Bush wird diesen unnützen und einseitigen Internationalen Straf Gerichts Hof abschaffen und Verbrechen an die Nationalen Gerichts Stellen verweisen.

Damit kommt automatisch Milosovic frei!

Bush has opposed the International Criminal Court from the beginning, withdrawing the signature of the United States from the Rome Statute that established the court and pressuring individual states to sign bilateral immunity agreements limiting the jurisdiction of the ICC. (In the Balkans, Albania, Bosnia, Macedonia, and Romania have signed on, while Croatia and Serbia are holding out.) He raised his opposition to the ICC twice in his debates with Kerry, both times unprompted. His administration’s opposition to international jurisdiction for violations of international humanitarian law has done much to undermine the force of demands for cooperation with the International Criminal Tribunal for the former Yugoslavia (ICTY) in The Hague.

Kerry is at least nominally a supporter of the ICC, although he too advocates revision of the Rome Statute.

As the election neared, some interest in the Balkans was sparked by a 25 October column in The Washington Times, in which Jeffrey Kuhner speculated that the Bush administration may be seeking an end to prosecutions at the ICTY and the transfer of war crimes cases to domestic courts. Several media in the region interpreted the article as a sign of a major change in U.S. policy, though the State Department moved quickly to deny such speculation.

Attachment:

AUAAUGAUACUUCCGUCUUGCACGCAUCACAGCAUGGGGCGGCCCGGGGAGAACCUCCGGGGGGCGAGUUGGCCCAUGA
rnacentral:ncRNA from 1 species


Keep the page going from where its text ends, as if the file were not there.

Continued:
Laut John Bolton, Minister für Waffenkontrolle in der Bush-Regierung, habe Carla Del Ponte ihre Aufgabe, in einem unparteiischen Verfahren die Schuldigen der Balkan-Kriege aufzuspüren und zu verurteilen, nicht wahr genommen und stattdessen versucht, die Geschichte der Balkan-Kriege umzuschreiben.

Ein Artikel in der Washington Times!

Den Haag ist wie ein Frankenstein Monster!

In keinem Rechts Staat gibt es sowas, das Leute so lange im Gefängnis sitzen, ohne Urteil und Anklage.

Balkan justice joust

By Jeffrey T. Kuhner

The Bush administration is now demanding that the chief prosecutor for the International Criminal Tribunal for the former Yugoslavia, Carla Del Ponte, bring her prosecutions to an end.
Washington is insisting that war crimes cases relating to the Balkan wars of the 1990s be tried either in domestic courts or be given an amnesty. This shift not only marks a dramatic change in U.S. policy toward the ICTY, but more importantly, it is a fatal blow to the power and credibility of Mrs. Del Ponte.

In a recent interview, Undersecretary of State for Arms Control John Bolton told me Washington is deeply concerned that the ICTY, rather than fostering ethnic reconciliation, has emerged as a threat to regional stability. "There is a very real risk that the ICTY prosecutions will not resolve the situation in the Balkans," Mr. Bolton said, "but will create new animosities that lead to tensions in the future."
He emphasized the Bush administration is demanding war crimes cases at The Hague be sent back to national domestic courts. Mr. Bolton and other senior State Department officials are finally realizing what Mrs. Del Ponte and her fellow left-wing globalists have refused to acknowledge: The ICTY has degenerated into a politicized tribunal that has failed to live up to its original mandate.
The irony is that the Clinton administration was largely responsible for creating the ICTY. Washington, however, now realizes that it has unleashed a Frankenstein monster.